1st Edition

Interactive Storytelling A Cross-Media Approach to Writing, Producing and Editing with AI

    194 Pages 25 B/W Illustrations
    by Routledge

    194 Pages 25 B/W Illustrations
    by Routledge

    Taking a cross-media approach to the ever-changing field of digital storytelling, this book offers an essential introduction to producing and editing interactive storytelling content, and to the platforms that host it.

    Merging algorithmic and AI approaches with basic writing technique, the authors begin by providing a brief history of the field before moving on to practical step-by-step guides on techniques, models and software architectures. Examples and exercises are drawn from free-to-access, purpose-built software created by the authors as well as exemplary interactive storytelling work. Assuming the perspective of the storyteller and focusing on elements shared across different fields of professional communication, the book is designed to be a primer for digital communicators, irrespective of the medium they are working with. As such, the methods provided will be applicable across the spectrum of TV, film, videogames, web and mobile storytelling.

    Interactive Storytelling is recommended reading for professionals as well as advanced undergraduate and postgraduate students of interactive entertainment, multimedia design and production, and digital journalism.




    Where to start?

    How this volume is organized

    Chapter 1: Introduction

    1.1 Preliminary definitions

    1.1.1 The fascination for interactivity

    1.1.2 Digital, virtual, interactive

    1.1.3 Interacting, participating, collaborating

    1.2 Telling stories through actions

    1.2.1 Dramatic media

    1.2.2 Actions and events

    1.2.3 Dramatic action

    1.2.4 Narrative action

    1.2.5 Sequence of actions

    1.2.6 Generating events

    1.3 Last general issues

    1.3.1 Author, authorship, control

    1.3.2 Characters or stories

    1.3.3 The field of investigation

    1.3.4 Database, narrative and video contents

    1.3.5 Delimiting the field

    1.4 A general model of analysis

    Chapter 2 - Dynamic Elements: the Units

    2.1. What are the units

    2.2 The logical relationship between the units

    2.3 Organising the Multilinear Project

    2.4. What separates the units

    2.5. Tagging the units: metadata

    2.6 Exercises

    2.6.1 The flow chart of dynamic elements

    2.6.2 The user actions

    Chapter 3 - Dynamic elements: the Agents

    3.1 Agents and audience

    3.2 Intelligent agents

    3.2.1 Planning as improvisation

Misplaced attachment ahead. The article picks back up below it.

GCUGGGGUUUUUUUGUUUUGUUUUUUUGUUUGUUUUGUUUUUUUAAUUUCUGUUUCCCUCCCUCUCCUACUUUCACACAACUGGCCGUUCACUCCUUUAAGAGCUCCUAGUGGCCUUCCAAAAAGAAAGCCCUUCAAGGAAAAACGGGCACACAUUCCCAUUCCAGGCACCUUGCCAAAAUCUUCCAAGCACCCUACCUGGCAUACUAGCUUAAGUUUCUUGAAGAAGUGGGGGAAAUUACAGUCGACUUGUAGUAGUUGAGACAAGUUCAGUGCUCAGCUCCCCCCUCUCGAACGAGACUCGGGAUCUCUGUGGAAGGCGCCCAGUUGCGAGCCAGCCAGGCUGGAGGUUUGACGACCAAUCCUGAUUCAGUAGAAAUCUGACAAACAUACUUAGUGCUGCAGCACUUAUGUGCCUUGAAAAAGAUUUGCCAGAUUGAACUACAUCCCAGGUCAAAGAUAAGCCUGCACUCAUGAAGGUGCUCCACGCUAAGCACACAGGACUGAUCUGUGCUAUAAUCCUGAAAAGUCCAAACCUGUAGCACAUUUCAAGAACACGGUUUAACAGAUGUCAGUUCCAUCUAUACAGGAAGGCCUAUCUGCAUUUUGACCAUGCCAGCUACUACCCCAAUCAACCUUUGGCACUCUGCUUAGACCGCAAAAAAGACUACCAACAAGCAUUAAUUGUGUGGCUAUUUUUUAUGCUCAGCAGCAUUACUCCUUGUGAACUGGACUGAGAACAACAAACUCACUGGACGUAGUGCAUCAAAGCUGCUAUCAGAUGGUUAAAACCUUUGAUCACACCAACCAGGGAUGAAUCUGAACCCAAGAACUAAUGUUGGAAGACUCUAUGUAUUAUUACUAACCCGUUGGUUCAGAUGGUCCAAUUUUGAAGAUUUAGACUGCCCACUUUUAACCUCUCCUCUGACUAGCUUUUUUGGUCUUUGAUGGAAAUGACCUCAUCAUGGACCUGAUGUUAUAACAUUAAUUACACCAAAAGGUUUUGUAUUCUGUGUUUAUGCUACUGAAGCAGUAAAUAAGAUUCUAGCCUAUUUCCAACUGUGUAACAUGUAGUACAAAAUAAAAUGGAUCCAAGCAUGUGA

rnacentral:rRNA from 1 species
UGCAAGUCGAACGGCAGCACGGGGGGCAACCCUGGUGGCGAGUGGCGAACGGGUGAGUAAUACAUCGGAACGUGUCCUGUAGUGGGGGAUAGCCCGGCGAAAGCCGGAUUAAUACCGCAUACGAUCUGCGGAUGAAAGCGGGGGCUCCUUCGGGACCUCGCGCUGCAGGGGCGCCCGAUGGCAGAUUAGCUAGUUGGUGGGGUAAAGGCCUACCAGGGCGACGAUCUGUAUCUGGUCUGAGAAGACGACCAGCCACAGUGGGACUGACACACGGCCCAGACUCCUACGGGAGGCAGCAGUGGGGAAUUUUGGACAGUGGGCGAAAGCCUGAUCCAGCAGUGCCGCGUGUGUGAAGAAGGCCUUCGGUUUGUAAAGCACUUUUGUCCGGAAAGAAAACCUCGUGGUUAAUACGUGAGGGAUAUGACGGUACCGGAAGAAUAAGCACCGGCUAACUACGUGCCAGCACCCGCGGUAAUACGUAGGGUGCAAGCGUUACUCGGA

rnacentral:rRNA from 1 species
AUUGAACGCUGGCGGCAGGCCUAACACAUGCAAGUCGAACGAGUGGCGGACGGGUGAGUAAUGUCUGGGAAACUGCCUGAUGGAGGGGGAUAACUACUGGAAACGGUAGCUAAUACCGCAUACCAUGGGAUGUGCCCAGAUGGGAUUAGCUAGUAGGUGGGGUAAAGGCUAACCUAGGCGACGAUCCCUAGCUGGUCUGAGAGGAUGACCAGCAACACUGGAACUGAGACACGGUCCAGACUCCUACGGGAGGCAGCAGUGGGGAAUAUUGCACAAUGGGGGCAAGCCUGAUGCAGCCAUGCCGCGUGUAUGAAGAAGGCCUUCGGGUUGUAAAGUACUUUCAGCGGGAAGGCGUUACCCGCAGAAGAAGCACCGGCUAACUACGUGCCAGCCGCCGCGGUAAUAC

3.2.2 Planning as directing

    3.2.3 Scripting as planning

    3.3 Emotions and agents

    3.3.1 The (mental) reality of emotions

    3.3.2 The social component of emotions

    3.3.3 Emotions as a behavioural drive

    3.4 Exercises

    3.4.1 Describing the state of the world

    3.4.2 Writing the actions

    3.4.3 Writing Preconditions and Effects

    3.4.4 Simulating the execution

    3.4.5 Starting from the goal state

    3.4.6 Reusing the plan

    Chapter 4 - Display: audience, system, emotions

    4.1 Participation

    4.1.1 Narratology vs Ludology

    4.1.2. Interaction vs Narration

    4.1.3. Balancing the agency

    4.1.4. Intensity of process

    4.1.5. User’s action

    4.1.6. Intelligible actions

    4.2 Writing the interaction through the units

    4.2.1. Interaction by navigating the map

    4.2.2. Interaction by dialogues and behaviours

    4.2.3. Interaction by physical actions

    4.3 Emotions in computational systems

    4.3.1 Coding characters’ emotions

    4.3.2 The emotions of the audience

    4.4. Cross media contents’ communication

    4.5 Exercises

    Chapter 5 - Engines and systems: supporting creativity and dramatic tension

    5.1 Systems and automation

    5.2 System classification

    5.3 Fully manual authorship

    5.4 Manually authored database and automation for plot generation

    5.4.1 Plot grammars

    5.4.2 Constraints on plot generation

    5.4.3 Planning for plot generation

    5.4.4 Plot generation based on dramatic tension

    5.5 Database and automation

    5.6 Emergent narratives: joint automation of plot and database

    5.6.1 Constraints on the plot and modifications of database elements

    5.6.2 Plot and database modelled with constraints

    5.6.3 Full plot automation and database simulation

    5.7 General Considerations on Storytelling Systems

    5.8 Exercises

    5.8.1 The form to the story, or the application of a template

    5.8.2 The constrained plot generation: preconditions and effects annotation

    5.8.3 The dramatic tension of the story

    Chapter 6. Examples to know

    6.1. 1966: Eliza

    6.2. 1976: Adventure

    6.3. 1978: Aspen Movie Map

    6.4. 1987: Afternoon a story

    6.5. 1987: City in transition: New Orleans 1983-86

    6.6 1911: Angels

    6.7 1993: Myst

    6.8 1996: Pokémon

    6.9 1999. Desert rain

    6.10 2001:Can you see me now?

    6.11 2003: Facade

    6.12 2005: FearNot!

    6.13 2006: DramaTour

    6.14 2012: The Walking Dead

    6.15 2013: Nothing for Dinner

    6.16 2018:. Black mirror Bandersnatch

    61.7 2029: The Invisible Guardian

    6.18 2020: Down the Rabbit Hole




    Antonio Pizzo is Associate Professor of Theatre and Multimedia at the University of Turin, Italy.

    Vincenzo Lombardo is Full Professor of Informatics at the University of Turin, Italy.

    Rossana Damiano is Associate Professor of Computer Science at the University of Turin, Italy.